31 House Hunting and Home Buying Mistakes You Can Easily Avoid
House hunting is an anxiety-filled process, but it goes a lot smoother when prepared. See what to avoid with this house-hunting checklist.
Buying When You Should Rent
Buying a house isn’t always the best option. If you’re not planning on staying in a home for more than a couple years, renting may be a better option. You’ll also need to consider your personal finances—you may be able to afford your monthly mortgage payments but can you afford unexpected repairs such as a flooded basement or damaged roof?
You’re Not Pre-Approved
If you want to be taken seriously in your home search, you need to be pre-approved by a lender. This will tell sellers that you’ve taken the necessary steps financially to qualify for a mortgage. In some markets, Realtors won’t even work with buyers who haven’t been pre-approved.
Down Payment 101
The days of putting zero down are gone. At minimum, depending on your lender, you’ll likely need 5 percent of the selling price as a down payment. Also, consider the fact you’ll want to keep some money on hand for closing costs and for an emergency fund. If you can’t put 20 percent down when buying a house, you may need to pay private mortgage insurance (PMI) so it’s best to understand the down payment terms.
It Was Love at First Sight
It’s important to look at a few houses so you can compare pros and cons. If you love the first home that’s great, but look at multiple homes. When you look at more homes, you’ll get a better understanding of your options, likes and dislikes.
Know Your DIY Limits
When it comes to buying a house that needs repairs, consider what you’re willing to deal with and what you’re not. Perhaps you feel comfortable purchasing a home with an old roof, but lead paint isn’t an option for you. If the home needs some work, understand the costs associated with the needed repairs.
Know What You Can Live With and What You Can’t
If this is your first home, consider what you can live with and what you can’t. Perhaps the kitchen isn’t ideal, but you know a few appliance upgrades will do the trick. You wanted two full bathrooms, but can you live with one and a half? Know your must-haves.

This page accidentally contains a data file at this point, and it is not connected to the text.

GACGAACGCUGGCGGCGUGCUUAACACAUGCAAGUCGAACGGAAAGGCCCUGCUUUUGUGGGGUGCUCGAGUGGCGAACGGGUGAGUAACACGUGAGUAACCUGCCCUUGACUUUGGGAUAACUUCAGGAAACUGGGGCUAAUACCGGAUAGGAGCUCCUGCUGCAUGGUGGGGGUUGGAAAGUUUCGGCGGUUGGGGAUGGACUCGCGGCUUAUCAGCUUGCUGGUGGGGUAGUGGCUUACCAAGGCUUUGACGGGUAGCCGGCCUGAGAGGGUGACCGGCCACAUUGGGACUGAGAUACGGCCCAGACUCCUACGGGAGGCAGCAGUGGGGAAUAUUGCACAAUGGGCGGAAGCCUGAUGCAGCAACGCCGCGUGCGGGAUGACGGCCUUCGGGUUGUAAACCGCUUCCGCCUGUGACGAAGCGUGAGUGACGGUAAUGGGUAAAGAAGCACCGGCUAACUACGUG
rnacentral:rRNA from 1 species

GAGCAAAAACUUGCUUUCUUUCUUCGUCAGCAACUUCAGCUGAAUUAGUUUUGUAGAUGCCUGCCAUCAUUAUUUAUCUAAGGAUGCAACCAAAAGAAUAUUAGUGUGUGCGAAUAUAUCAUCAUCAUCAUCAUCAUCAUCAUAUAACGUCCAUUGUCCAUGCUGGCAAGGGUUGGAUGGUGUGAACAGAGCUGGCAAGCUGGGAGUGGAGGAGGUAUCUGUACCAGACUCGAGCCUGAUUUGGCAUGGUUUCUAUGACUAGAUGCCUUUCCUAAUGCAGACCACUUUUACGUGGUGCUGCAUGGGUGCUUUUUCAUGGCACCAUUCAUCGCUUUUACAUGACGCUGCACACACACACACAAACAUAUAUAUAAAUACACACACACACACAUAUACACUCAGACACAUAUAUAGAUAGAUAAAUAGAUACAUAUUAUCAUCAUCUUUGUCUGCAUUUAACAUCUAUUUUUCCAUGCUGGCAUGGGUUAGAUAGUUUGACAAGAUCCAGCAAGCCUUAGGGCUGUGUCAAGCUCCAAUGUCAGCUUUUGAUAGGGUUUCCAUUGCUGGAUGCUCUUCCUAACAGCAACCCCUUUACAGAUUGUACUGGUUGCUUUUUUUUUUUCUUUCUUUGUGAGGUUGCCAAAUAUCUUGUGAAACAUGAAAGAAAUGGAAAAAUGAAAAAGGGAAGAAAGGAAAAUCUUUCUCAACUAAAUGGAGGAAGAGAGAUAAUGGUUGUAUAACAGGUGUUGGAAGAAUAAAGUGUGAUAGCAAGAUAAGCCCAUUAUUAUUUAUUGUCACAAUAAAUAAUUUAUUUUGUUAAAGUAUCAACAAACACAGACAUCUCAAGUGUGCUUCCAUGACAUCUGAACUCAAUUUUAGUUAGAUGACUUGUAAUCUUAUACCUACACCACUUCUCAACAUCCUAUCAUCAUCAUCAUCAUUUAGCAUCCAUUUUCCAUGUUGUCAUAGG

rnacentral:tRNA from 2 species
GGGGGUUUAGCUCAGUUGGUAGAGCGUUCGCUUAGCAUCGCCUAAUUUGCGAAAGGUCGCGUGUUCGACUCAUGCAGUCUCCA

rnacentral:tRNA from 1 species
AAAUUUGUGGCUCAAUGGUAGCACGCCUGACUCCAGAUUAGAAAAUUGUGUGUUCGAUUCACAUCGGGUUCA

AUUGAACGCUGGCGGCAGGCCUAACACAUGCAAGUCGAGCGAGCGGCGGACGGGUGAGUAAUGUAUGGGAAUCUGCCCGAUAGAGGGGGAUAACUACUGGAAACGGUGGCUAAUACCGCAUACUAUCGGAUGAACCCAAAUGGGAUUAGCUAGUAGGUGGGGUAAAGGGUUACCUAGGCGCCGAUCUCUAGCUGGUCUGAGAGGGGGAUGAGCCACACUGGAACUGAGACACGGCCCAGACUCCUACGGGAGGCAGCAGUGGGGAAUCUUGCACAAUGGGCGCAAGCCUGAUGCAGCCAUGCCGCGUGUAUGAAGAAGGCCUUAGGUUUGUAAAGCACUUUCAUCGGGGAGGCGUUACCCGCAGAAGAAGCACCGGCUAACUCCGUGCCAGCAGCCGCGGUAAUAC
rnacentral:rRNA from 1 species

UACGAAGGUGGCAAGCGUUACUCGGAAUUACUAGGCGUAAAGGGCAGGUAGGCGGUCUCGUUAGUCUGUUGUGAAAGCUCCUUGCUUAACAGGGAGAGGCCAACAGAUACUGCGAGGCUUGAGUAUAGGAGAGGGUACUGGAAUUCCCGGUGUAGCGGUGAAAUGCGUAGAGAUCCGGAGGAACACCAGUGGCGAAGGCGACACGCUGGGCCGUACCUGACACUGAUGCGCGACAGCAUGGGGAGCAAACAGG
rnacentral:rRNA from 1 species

Buying in the Wrong Season
Judging a Book by its Cover
Jumping the Gun After One Viewing
Skipping the Inspection
Ignoring Old Paint
Skipping the Final Walk-Through
Not Being Neighborly
Trying to Make it Work
Forgetting About Future Development
When you have a specific house in mind, think about potential developments. For example: If the home is near a busy road, will there be expansion in the near future? If there is a lot of open space around the home, will more homes be built in the area soon? If there are several homes for sale in the neighborhood, are they selling quickly and who’s moving in? It may be difficult to find concrete information about future developments, but keeping some what-ifs in mind as you look can help you find your ideal home. Also, keep in mind the potential resale value of your future home because no one knows what the future holds and you may need to sell earlier than you imagined.
Learn about some of the best and worst projects to improve resale value.
Finding Out the Commute is Too Long
At a certain point, a commute becomes a burden. If your commute is taking valuable time away from your family or personal goals, look for a home closer to your work. It may be worth it to downsize to a smaller home instead of losing too many hours out of every workday.
Not Doing Enough Research
Not Saving Enough
The Experience of People Around You
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Which Way do the Windows Face
Homeowner's Association Details
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The Age of Appliances